NgSwitch in Angular

Back to home
Logicmojo - Updated Aug 28, 2021

NgSwitch in Angular

Surely you’ve heard of the switch clause in general programming languages like C and C++. It’s a flow control statement that executes one block of code among many. Angular uses something similar. This brief article on Angular NgSwitch will tell you what the Angular NgSwitch directive does, with a simple demo to show its working.

What is Angular NgSwitch?

The [ngSwitch] directive on a container specifies an expression to match against. The expressions to match are provided by ngSwitchCase directives on views within the container.

• It renders every view that matches.
• If there are no matches, the view with the NgSwitchDefault directive is rendered.
• Elements outside of any NgSwitchCase or NgSwitchDefault directive but within the NgSwitch statement but are preserved at the location.

The following is the syntax of ngSwitch. It contains three separate directives. ngSwitch, ngSwitchCase & ngSwitchDefault.

<container_element [ngSwitch]="switch_expression">
    <inner_element *ngSwitchCase="match_expresson_1">...</inner_element>
    <inner_element *ngSwitchCase="match_expresson_2">...</inner_element>
    <inner_element *ngSwitchCase="match_expresson_3">...</inner_element>
    <inner_element *ngSwitchDefault>...</element>


ngSwitch is bound to container_element like div etc. We assign a switch-expression to the ngSwitch via property binding syntax. Angular evaluates the switch_expression at runtime and based on its value displays or removes the elements from the DOM.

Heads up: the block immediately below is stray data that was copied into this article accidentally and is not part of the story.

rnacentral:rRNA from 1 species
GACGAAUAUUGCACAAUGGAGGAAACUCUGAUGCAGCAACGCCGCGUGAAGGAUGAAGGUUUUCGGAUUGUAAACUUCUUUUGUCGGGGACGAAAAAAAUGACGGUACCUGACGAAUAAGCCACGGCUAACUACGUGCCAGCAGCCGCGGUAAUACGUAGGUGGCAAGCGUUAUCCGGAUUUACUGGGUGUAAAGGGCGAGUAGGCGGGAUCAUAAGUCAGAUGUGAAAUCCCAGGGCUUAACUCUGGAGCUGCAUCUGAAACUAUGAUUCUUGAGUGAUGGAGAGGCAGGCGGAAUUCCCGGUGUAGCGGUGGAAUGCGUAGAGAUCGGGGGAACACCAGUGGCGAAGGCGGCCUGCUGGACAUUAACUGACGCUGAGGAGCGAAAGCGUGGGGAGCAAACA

ngSwitchCase is bound to an inner_element, which we must place inside the container_element. We use * (Asterix symbol), because it is a structural directive. We also assign a match_expression, which Angular evaluates at runtime. The Angular displays the inner_element only when the value of the match_expression matches the value of the switch_expression else it is removed from the DOM.

💡 Note that the ngSwitchCase does not hide the element, but removes them from the DOM.


ngSwitchDefault is also bound to an inner_element, which we must place inside the container_element. But it does not have any match_expression. If none of the ngSwitchCase match_expression matches the switch_expression, then the angular displays the element attached to the ngSwitchDefault

You can place ngSwitchDefault anywhere inside the container element and not necessarily at the bottom.

You are free to add more than one ngSwitchDefault directive. Angular displays all of them.

Important Points

⮞ You must place ngSwitchCase & ngSwitchDefault inside the ngSwitch directive
⮞ Angular displays every element, that matches the switch_expression
⮞ If there are no matches, angular displays all the elements, which has ngSwitchDefault directive
⮞ You can place one or more than one ngSwitchDefault anywhere inside the container element and not necessarily at the bottom.
⮞ Any element within the ngSwitch statement but outside of any NgSwitchCase or ngSwitchDefault directive is displayed as it is.
⮞ The elements are not hidden but removed from the DOM.